Chadwick Boseman at the Stan Lee Hand and Footprint Ceremony at the TCL Chinese Theater IMAX on July 18, 2017, in Los Angeles, CA – LOS ANGELES – July 18 (Shutterstock)
By Victoria Falk
Chadwick Boseman, also known as Chad, began his career in New York in 2003. He taught drama to youth in the Schomburg Center for Research in Black Culture in Harlem, New York. In 2003, Boseman landed a role on a daytime soap opera. However, he was fired after he voiced concerns about racial stereotypes in the script.
A few years later, Boseman moved to remain unknown until 2013 when he played Jackie Robinson in the movie “42”, which was so named because that was Robinson’s uniform number. The film was about the integration of baseball in the 1940s. Boseman spent time with Jackie Robinson’s widow, Rachel Robinson, to learn about the player, who endured racism as baseball’s first Black player in the 20th century. He also trained with baseball coaches for several months. Rachel Robinson was thrilled by Chad Boseman’s depiction of her late husband. During previous interviews with Time Magazine, Mrs. Robinson said, “I was moved to tears.”
In 2014, Chad Boseman played James Brown, “the Godfather of Soul,” in “Get on Up.”
He learned the performer’s famed dance moves and songs in preparation for the role. Audiences were impressed at how well he copied Brown’s mannerisms and dances.
In 2017, Boseman portrayed Thurgood Marshall. In the movie “Marshall”, we learn about the civil rights attorney who became the first African American justice to serve on the Supreme Court.
The movie takes us back to the 1940s court case that was a defining moment in Thurgood Marshall’s career.
Boseman was careful in the roles he selected. He felt it his responsibility to depict strong Black men from the past.
In a former interview with Esquire magazine, Boseman reportedly said, “I’ve always felt it important to play these historical figures.”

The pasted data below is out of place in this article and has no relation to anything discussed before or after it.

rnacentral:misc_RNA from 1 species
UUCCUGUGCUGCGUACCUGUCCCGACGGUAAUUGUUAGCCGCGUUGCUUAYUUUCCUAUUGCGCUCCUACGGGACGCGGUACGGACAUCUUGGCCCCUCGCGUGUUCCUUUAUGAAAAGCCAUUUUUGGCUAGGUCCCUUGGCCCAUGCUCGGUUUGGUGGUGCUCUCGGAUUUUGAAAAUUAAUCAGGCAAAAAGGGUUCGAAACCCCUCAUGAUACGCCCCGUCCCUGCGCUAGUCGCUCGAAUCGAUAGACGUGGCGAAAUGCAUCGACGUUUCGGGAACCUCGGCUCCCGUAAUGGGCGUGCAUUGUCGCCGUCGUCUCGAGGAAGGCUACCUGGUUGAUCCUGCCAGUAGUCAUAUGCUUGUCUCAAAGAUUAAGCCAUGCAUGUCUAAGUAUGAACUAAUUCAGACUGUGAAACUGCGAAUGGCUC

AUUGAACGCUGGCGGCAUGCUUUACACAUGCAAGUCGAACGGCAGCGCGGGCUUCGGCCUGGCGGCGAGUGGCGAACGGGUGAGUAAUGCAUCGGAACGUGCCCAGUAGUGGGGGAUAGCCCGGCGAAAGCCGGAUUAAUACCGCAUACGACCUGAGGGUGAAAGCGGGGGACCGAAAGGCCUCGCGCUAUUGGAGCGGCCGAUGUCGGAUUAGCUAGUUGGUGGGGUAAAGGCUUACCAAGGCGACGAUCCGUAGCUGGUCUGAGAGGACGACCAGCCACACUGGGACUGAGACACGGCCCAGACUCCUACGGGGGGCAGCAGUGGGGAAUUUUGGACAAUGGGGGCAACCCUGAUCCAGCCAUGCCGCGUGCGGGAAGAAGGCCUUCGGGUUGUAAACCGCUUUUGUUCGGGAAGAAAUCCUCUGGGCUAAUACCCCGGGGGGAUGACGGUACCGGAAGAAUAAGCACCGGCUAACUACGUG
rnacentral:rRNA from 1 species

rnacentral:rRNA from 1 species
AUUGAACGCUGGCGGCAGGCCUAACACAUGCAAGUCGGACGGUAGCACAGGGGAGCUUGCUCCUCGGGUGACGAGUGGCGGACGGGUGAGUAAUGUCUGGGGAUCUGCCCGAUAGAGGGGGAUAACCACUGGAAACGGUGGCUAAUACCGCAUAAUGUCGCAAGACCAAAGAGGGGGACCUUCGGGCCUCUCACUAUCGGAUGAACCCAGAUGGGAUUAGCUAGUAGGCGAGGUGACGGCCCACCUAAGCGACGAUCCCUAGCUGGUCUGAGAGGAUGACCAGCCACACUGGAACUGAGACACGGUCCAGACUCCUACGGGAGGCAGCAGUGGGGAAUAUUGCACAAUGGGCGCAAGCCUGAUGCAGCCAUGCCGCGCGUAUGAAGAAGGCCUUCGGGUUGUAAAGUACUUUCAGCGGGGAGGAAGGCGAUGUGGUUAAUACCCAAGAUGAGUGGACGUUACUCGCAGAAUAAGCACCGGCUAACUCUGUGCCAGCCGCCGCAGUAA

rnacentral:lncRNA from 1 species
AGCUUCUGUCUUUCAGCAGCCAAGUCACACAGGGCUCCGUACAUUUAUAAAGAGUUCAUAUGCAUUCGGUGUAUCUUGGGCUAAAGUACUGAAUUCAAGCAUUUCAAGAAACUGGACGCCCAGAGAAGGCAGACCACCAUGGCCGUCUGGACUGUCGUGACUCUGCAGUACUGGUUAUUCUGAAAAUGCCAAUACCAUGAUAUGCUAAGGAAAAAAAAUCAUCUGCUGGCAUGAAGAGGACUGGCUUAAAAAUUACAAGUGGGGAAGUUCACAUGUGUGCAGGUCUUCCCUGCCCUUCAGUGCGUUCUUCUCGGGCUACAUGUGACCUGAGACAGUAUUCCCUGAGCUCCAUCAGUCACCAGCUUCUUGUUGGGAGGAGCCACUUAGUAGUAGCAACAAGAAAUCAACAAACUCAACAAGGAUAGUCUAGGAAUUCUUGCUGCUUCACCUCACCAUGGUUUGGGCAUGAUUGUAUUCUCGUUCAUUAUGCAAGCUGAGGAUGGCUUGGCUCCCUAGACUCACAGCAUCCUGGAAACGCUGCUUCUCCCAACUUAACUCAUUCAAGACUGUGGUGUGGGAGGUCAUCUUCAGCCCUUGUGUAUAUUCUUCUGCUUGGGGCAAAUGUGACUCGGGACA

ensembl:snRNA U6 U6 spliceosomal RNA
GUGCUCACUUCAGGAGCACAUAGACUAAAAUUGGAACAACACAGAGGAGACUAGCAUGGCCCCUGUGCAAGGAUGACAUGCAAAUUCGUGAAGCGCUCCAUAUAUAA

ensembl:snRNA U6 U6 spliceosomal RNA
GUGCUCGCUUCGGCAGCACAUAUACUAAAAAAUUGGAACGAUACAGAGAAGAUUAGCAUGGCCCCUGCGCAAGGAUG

In 2018, “Black Panther” was released. Black Panther is a fictional superhero, whose real name in the comics is T’Challa. T’Challa is the King and protector of a fictional African country called “Wakanda.” When T’Challa transformed into the Black Panther, he had super strength, genius-level intelligence, and was able to call upon all the previous Black Panthers’ knowledge. Black Panther is the first African superhero to be depicted in American comics.
When asked what Boseman’s legacy meant to him, Anthony Austin, owner of On The Scene Media Group LLC, said, “When the movie Black Panther was in previews, I had never seen such energy in our community over a movie before. When they revealed the actor, Chad Boseman was the leader, a feeling of pride rose in my chest. The image of a superhero that looked like me, dark in complexion and polished, emphasized that we come in many packages and not what is often portrayed on television. Once I did my research and saw all the biopics he starred in, I said to myself, he is a messenger to our community, especially our youth, with education and perseverance you can achieve greatness.”
Chadwick Boseman’s role as T’Challa/ Black Panther made him an international star. The movie became a symbol of pride for Black moviegoers who enjoyed seeing a superhero who looked like them. Many Black moviegoers reported seeing the film multiple times. The movie, with its predominantly Black cast and a Black director, became a cultural landmark. People of African descent, all over the world, were proclaiming, “Wakanda Forever” as they copied Boseman’s salute, with his arms crossed over his chest. As a result of the movie, Black Americans had an increased sense of identity and felt more connected to Africa. Many Black women cut their hair short and embraced natural hairstyles like the characters in the movie. Women and men dreamed of visiting Wakanda’s fictional land, and interest in travel to Africa increased. Parents, educators, celebrities, and others stressed the importance of Black youth seeing this inspirational movie, and it became the field trip of choice for many students. Chad Boseman fully understood the cultural significance of his role as T’Challa and the Black Panther. When Black Panther was released, Boseman purchased tickets for hundreds of underprivileged youth, and they enjoyed the movie as his special guests. The community was proud of him.
“Black Panther” was the first superhero movie nominated for an Oscar for best picture.
The film won Oscars for music, costumes, and production design. “Black Panther” also won a Screen Actors Guild Award for the best acting ensemble.